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should speak truth of it: here it is, and all that belongs to't: Ask me, if I am a courtier; it shall do you no harm to learn.
Count. To be young again, if we could :: I will be a fool in question, hoping to be the wiser by your answer. I pray you, sir, are you a courtier ?
Clo. O Lord, sir, There's a simple putting off ;more, more, a hundred of them.
Count. Sir, I am a poor friend of yours, that loves you. Clo. O Lord, sir,— Thick, thick, spare not me
Count. I think, sir, you can eat none of this homely meat.
Clo. O Lord, sir, Nay, put me to't, I warrant you.
Count. Do you cry, O Lord, sir, at your whipping, and spare not me? Indeed, your O Lord, sir, is very se. quent to your whipping ; you would answer very well to a whipping, if you were but bound to't.
Clo. I ne'er had worse luck in my life, in my-0 Lord, sir : I see, things may serve long, but not serve ever.
Count. I play the noble housewife with the time, to entertain it so merrily with a fool.
Clo. O Lord, sir—why, there't serves well again.
Count. An end, sir, to your business : Give Helen this, And urge her to a present answer back : Commend me to my kinsmen, and my son ; This is not much.
Clo. Not much commendation to them.
Count. Not much employment for you : You understand me?
Clo. Most fruitfully ; I am there before my legs.
SCENE III. Paris. A Room in the King's Palace. Enter BERTRAM.
LAFEU, and PAROLLES. Laf. They say, miracles are past ; and we have our philosophical persons, to make modern and familiar things, supernatural and causeless. Hence is it, that we make trifles of terrors ; ensconcing ourselves into
 The lady censures her own levity in trifling with her jester, as a ridiculous attempt to return back to youth. JOHNSON.
(5) A ridicule on that foolish expletive of speech then in vogue at court.
ends well. 417 seeming knowledge, when we should submit ourselres to an unknown fear.
Par. Why, 'tis the rarest argument of wonder, that bath shot out in our latter times.
Ber. And so 'tis.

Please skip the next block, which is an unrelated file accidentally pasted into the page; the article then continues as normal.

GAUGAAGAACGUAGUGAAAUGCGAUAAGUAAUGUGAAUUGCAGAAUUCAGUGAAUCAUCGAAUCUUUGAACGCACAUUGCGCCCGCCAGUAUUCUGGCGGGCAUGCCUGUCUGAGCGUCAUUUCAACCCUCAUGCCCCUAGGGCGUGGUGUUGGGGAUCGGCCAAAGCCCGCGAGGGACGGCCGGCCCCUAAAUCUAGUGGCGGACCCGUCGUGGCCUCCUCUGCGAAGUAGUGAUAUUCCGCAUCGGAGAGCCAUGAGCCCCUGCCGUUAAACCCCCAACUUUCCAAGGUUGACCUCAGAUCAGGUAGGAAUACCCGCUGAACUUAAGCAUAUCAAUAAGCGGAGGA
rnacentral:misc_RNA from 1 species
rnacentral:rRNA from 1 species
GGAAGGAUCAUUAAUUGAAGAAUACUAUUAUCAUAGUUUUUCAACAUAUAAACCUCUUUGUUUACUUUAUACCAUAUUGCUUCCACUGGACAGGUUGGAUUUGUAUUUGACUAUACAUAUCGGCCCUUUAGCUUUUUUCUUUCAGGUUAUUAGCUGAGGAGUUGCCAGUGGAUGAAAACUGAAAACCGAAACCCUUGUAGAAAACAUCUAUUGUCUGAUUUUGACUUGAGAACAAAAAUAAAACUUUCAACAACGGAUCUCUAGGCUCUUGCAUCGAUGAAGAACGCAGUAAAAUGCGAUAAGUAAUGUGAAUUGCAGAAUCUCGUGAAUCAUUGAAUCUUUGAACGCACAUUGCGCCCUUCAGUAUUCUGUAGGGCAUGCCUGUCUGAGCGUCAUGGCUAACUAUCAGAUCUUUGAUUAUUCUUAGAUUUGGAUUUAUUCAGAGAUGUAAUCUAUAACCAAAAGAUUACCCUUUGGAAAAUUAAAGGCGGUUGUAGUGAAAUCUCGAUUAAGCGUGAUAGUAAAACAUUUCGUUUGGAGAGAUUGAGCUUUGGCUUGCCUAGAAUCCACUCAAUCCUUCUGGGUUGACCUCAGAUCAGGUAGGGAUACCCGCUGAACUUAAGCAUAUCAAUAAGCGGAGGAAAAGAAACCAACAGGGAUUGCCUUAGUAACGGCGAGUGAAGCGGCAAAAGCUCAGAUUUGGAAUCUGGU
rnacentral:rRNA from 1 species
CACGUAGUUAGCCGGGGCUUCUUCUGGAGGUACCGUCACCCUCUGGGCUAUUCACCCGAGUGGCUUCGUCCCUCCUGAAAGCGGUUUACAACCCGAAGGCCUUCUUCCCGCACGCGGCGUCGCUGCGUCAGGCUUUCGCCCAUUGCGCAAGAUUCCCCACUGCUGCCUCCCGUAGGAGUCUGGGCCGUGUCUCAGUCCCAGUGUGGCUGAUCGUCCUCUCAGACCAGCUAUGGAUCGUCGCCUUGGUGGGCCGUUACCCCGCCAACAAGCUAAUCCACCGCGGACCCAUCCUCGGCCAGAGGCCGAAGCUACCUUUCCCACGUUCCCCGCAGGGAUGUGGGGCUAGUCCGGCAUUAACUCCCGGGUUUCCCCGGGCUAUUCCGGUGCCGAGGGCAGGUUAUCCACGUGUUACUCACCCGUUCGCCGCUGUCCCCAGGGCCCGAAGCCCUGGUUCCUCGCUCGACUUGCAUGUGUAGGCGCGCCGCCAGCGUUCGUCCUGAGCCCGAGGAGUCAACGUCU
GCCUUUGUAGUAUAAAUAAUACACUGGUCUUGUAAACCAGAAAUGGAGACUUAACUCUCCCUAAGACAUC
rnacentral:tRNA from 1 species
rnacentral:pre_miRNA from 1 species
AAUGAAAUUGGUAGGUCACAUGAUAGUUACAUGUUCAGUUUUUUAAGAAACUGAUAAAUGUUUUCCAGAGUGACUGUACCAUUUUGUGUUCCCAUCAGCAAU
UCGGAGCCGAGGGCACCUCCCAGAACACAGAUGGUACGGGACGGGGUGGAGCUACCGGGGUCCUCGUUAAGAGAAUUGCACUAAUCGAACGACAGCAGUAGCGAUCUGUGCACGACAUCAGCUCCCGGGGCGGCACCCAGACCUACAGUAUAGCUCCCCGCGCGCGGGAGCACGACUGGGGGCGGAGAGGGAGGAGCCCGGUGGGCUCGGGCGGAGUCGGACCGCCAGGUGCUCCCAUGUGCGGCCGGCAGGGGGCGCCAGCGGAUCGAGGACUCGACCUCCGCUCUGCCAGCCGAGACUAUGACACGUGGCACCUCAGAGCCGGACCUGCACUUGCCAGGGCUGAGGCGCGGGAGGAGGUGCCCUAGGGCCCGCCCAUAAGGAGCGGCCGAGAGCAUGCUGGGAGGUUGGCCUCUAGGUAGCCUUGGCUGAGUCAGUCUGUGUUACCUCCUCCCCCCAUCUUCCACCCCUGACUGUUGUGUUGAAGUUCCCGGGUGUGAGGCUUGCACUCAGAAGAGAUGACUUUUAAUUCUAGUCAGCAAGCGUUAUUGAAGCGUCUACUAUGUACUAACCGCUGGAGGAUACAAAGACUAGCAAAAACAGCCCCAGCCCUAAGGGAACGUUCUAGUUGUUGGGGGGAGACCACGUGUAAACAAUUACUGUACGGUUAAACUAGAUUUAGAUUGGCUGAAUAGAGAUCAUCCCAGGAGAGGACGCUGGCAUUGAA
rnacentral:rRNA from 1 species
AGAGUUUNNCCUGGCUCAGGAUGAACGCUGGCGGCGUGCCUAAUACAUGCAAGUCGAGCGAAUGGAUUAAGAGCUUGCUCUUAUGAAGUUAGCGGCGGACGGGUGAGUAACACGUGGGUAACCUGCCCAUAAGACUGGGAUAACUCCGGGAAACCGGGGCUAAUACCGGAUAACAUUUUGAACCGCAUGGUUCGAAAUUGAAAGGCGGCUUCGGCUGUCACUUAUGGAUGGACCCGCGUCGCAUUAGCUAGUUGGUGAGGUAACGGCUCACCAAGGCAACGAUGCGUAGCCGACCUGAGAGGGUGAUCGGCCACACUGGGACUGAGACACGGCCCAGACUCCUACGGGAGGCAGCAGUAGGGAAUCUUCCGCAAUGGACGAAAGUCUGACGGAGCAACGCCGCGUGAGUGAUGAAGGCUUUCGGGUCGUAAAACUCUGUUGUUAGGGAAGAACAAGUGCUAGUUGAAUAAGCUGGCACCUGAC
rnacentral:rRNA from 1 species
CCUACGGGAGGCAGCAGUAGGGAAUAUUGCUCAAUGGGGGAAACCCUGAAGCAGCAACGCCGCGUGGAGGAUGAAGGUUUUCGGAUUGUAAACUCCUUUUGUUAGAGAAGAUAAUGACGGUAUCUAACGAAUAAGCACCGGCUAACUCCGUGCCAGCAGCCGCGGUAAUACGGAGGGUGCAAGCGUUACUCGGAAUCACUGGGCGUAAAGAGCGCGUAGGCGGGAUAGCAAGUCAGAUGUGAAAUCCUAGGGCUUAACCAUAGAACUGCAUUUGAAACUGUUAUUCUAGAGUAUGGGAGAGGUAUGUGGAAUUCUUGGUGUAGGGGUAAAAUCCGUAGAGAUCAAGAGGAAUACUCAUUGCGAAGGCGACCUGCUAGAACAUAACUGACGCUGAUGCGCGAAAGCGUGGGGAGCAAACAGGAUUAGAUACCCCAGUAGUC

Par. It is, indeed: if you will have it in showing, you shall read it in,-What do you call there !
Laf. A showing of a heavenly effect in an earthly actor.
Par. That's it I would have said ; the very same.
Laf. Why, your dolphin is not lustier: 'fore me I speak in respect
Par. Nay, 'tis strange, 'tis very strange, that is the brief and the tedious of it; and he is of a most facinorous spirit, that will not acknowledge it to be the
Laf. Very hand of heaven.
Par. And debile minister, great power, great transcendence : which should, indeed, give us a further use to be
171 Shakespeare, as I have often observed, never throws out his words at random. Paracelsus, though no better than an ignorant and knavisb enthusiast, was at this time in such vogue, even amongst the learned, that he had almost jostled Galen and the ancients out of credit. On this account learned is applied to Galen : and authentic, or fashionable, to Paracelsus. WARBURTON.-
As the whole merriment of this scene consists in the pretensions of Parolles to knowledge and sentiments which he has not, I believe here are two passages in which the words and sense are bestowed upon him by the copies, wbich the author gave to Lafeu. I read this passage thus :
Laf. To be relinquished of the artists • Par. So I say. Laf. Both of Galen and Paracelsus,
learned and authentic fellowsPar. Right, so I say. JOHNSON
By dolphin is meant the dauphin, the heir apparent, and the hope of the crown of France. His title is so translated in all the old books. STEEVENS.
acinorous is wicked. STEEVENS.